I get a lot of emails. I mean A LOT! The reason is simple, I subscribe to everything, knowing that as an email marketing professional I need to see it all to share the best with you. But as soon as things get a little busy for me all of those good intentions fall away and I become very selective about what gets opened and what goes straight to trash.
I can’t imagine you’ll be surprised when I tell you the deciding factor is… what’s in it for me!
If these emails aren’t even getting the low hanging fruit that is me, how can we make sure our emails are getting opened by the people we want reading them? Here are four ideas to start you thinking.
#1. Humorous emails get opened
There are just some emails that I have to open because I know it will make me LOL and brighten my day.
The emails from KFC are a great example. Not only are they hilarious (“Trigonometry banana somersault” :D), they have a personalised subject line (the bucket is all for me!) and wonderful pre-header text that draws me in, the CTA buttons are customised and it is a genuine offer.
Subject: Kym’s $10 Popcorn Chicken Bucket is here
How we can do it
- Know your audience and the tone that they will respond to. If it’s humour, commit to it.
- Make sure your offers provide value to your readers.
- Personalise your subject lines.
- Use emojis in subject lines to grab attention.
- Use pre-header texts to give them a reason to open your email.
#2. Get Personal – Really Personal
Another email that I never miss opening is the Fitbit emails. I always open them to see what my latest accomplishment is and you couldn’t have found a prouder person on the day I got my March of Penguins badge!
Emails from Grammarly are also a great example. They have reward badges and personal stats.
It’s incredibly personal information, much more than popping my name in the top of an email and it gets me to open.
SUBJECT: Way to streak! (Not like that ?)
Another funny headline with an emoji… are we seeing a pattern here?
How we can do it
- Find that personal information that is unique to each user and a unique way to share it. For example “By purchasing 2 [individual details] bottles of our Luscious Skin, Compassionate Planet Moisturiser, you’ve saved 5 [individual details] rabbits from a life of confinement and torturous tests.” (If this information is in your database you can automate the email with Conditional Content and if your online shop integrates with your EPS, even easier!)
- Fill it with colour and images to illustrate your point quickly.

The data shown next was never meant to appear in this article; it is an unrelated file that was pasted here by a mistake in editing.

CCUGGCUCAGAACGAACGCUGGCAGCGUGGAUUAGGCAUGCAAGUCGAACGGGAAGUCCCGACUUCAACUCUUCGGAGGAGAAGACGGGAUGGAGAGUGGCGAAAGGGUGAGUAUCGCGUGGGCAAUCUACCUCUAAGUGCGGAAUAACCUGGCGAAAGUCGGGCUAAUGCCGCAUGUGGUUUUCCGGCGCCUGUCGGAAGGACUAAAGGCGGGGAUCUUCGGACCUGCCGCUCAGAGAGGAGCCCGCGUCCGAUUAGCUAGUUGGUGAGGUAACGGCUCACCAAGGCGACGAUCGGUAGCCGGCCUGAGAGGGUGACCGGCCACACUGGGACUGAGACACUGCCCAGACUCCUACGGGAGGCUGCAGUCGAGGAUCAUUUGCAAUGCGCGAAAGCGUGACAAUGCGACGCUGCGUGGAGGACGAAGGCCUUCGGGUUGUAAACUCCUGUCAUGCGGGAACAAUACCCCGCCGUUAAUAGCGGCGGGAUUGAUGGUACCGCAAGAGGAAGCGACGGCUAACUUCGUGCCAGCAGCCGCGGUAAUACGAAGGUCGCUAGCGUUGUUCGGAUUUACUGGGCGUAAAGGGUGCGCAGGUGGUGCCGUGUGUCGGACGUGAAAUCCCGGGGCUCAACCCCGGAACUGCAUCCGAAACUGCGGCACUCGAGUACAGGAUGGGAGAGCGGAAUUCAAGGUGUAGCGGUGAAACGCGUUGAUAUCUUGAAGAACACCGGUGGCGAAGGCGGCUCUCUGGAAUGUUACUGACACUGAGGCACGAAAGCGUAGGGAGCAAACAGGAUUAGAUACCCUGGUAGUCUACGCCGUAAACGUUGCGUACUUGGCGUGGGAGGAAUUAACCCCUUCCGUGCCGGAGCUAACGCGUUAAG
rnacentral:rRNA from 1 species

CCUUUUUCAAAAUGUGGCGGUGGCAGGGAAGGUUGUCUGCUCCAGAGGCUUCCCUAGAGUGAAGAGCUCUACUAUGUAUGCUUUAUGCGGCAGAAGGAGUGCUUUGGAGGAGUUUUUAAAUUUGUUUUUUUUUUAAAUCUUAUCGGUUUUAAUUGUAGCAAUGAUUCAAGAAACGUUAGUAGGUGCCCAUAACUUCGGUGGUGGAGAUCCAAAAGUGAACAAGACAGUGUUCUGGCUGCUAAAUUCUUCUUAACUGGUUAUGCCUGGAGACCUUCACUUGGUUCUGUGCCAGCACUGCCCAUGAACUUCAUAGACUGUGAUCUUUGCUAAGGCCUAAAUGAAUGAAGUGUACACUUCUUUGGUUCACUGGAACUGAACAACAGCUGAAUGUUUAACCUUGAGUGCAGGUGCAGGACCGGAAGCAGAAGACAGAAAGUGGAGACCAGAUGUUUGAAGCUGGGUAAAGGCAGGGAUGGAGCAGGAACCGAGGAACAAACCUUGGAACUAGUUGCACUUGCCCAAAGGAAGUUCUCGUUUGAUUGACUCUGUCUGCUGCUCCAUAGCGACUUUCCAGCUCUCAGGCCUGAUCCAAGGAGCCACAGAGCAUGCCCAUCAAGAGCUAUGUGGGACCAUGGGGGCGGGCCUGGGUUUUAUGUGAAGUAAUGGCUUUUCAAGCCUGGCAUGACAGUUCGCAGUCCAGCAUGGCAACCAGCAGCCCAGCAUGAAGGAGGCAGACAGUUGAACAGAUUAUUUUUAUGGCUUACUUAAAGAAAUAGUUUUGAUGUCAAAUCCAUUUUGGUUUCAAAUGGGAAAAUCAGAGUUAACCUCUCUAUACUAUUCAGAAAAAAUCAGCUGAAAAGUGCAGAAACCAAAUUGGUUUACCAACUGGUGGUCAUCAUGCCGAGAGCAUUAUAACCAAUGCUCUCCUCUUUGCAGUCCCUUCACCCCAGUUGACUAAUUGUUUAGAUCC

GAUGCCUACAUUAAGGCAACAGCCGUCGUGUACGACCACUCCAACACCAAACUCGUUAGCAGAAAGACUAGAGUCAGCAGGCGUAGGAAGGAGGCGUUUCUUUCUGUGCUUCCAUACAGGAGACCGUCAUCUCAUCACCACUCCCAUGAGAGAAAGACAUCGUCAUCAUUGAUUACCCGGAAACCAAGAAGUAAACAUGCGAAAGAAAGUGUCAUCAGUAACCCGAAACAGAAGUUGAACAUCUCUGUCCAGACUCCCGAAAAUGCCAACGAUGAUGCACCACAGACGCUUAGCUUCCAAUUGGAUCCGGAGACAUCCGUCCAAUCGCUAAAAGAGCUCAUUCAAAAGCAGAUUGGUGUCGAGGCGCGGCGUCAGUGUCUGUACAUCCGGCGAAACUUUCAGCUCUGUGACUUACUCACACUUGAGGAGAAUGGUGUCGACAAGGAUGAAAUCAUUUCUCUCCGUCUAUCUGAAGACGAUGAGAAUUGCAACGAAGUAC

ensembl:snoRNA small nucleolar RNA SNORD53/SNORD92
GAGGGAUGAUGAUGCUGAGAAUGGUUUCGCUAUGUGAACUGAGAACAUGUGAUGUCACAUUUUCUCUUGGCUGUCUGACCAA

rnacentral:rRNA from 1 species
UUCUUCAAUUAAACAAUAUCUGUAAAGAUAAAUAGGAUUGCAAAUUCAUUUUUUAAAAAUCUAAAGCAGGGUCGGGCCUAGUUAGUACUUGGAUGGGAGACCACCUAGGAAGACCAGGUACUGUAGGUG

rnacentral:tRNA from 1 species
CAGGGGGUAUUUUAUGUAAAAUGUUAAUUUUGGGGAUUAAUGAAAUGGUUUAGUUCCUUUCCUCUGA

- Include a teaser in your subject line to get them to open.
#3. Be Timely
Do you ever get that panicked feeling as an event draws ever closer but your shopping list isn’t getting any shorter? (It can’t just be me…) Well, this is the perfect time to solve your readers’ problem with an email.
Maybe you’re a florist and can see that a customer orders a bunch of flowers on the same day every year. Why not send them a reminder email with some suggested arrangements a week out?
Or pick an event, like See’s Candies, who started sending me these emails at the end of January.
Subject: ❤️ Gifts under $10, plus FREE or flat-rate shipping!
How we can do it
- Identify peak times and the problems associated with them and offer a solution.
- Or identify customer patterns and preempt them with helpful suggestions.
- Make sure you identify the solution in the subject line and make it clear in the email copy.
#4. Segment and Target your emails to get opened
Different from sharing their stats, share info that you know will appeal to them. If they always buy sunflowers from your florist, send them an email with your sunflower arrangements, instead of the general email without a sunflower in sight.
Or if they always buy experiences from your online store, don’t send them emails filled with products. Seems pretty simple when you say it like that, right?
Woolworths does this well by letting me know when my previously purchased items are on sale. (Don’t judge, this isn’t all I eat!.)
Subject: Kym, you’re special ❤️ so enjoy your weekly specials.
Ok, you don’t have the massive rewards system and the software required to maintain it, that Woolworths obviously has in place. Still, this doesn’t need to be a herculean task, start small and work your way up.
How we can do it
- Start by identifying customer behaviour and recording it in your database. You could even pick one category to focus on this week (those that always buy sunflowers) and move to a different one next week (those that always buy natives).
- Include the category in the subject line or header text so they know the email will be of interest to them.
- Make sure you deliver on the promise of your subject line and keep working towards customisation for all of your readers.
So there you go, four different approaches for you to help get your emails opened.
If you don’t think your ESP is up to the task, check out Vision6. The Spreadsheet View makes editing your database easy and Conditional Content means you can send different versions with the one email. Give it a go for free today with a free trial account.